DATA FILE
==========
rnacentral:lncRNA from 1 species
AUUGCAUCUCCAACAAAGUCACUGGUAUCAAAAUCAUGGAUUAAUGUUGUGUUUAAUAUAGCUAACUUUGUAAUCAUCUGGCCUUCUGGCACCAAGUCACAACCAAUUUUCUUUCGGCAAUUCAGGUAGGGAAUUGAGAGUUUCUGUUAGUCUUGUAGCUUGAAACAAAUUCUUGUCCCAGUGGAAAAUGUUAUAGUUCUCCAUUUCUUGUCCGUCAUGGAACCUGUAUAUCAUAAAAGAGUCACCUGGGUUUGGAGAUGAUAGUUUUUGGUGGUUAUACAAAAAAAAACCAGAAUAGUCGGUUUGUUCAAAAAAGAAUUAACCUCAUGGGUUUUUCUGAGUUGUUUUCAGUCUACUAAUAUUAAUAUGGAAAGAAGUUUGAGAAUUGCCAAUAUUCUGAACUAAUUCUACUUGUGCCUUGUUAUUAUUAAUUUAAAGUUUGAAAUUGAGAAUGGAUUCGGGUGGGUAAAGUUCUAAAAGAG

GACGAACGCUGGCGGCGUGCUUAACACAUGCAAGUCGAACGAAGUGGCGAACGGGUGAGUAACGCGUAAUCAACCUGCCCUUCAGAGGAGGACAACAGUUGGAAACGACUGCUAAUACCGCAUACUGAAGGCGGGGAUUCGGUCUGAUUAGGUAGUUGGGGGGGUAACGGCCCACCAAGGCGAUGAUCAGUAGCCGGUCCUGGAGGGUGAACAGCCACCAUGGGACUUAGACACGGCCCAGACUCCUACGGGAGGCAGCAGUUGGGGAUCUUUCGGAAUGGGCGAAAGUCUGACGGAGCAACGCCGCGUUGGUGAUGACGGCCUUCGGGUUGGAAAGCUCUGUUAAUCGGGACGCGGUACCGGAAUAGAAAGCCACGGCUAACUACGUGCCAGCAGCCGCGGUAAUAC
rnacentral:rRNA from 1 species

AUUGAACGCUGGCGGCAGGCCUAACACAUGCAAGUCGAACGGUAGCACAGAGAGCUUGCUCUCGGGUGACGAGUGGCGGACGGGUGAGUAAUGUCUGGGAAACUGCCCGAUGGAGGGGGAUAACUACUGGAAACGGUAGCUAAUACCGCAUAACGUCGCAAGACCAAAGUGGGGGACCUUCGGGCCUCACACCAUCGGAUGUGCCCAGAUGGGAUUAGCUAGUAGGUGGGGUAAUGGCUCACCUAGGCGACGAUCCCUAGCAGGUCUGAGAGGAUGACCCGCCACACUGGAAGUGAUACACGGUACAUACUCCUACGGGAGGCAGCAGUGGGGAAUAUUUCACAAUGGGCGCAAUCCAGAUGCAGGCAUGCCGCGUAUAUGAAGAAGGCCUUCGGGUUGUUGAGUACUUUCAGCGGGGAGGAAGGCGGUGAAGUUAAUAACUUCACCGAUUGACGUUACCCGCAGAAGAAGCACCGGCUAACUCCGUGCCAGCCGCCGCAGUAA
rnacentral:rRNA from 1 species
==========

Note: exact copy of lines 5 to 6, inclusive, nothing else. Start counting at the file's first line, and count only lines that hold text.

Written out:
AUUGAACGCUGGCGGCAGGCCUAACACAUGCAAGUCGAACGGUAGCACAGAGAGCUUGCUCUCGGGUGACGAGUGGCGGACGGGUGAGUAAUGUCUGGGAAACUGCCCGAUGGAGGGGGAUAACUACUGGAAACGGUAGCUAAUACCGCAUAACGUCGCAAGACCAAAGUGGGGGACCUUCGGGCCUCACACCAUCGGAUGUGCCCAGAUGGGAUUAGCUAGUAGGUGGGGUAAUGGCUCACCUAGGCGACGAUCCCUAGCAGGUCUGAGAGGAUGACCCGCCACACUGGAAGUGAUACACGGUACAUACUCCUACGGGAGGCAGCAGUGGGGAAUAUUUCACAAUGGGCGCAAUCCAGAUGCAGGCAUGCCGCGUAUAUGAAGAAGGCCUUCGGGUUGUUGAGUACUUUCAGCGGGGAGGAAGGCGGUGAAGUUAAUAACUUCACCGAUUGACGUUACCCGCAGAAGAAGCACCGGCUAACUCCGUGCCAGCCGCCGCAGUAA
rnacentral:rRNA from 1 species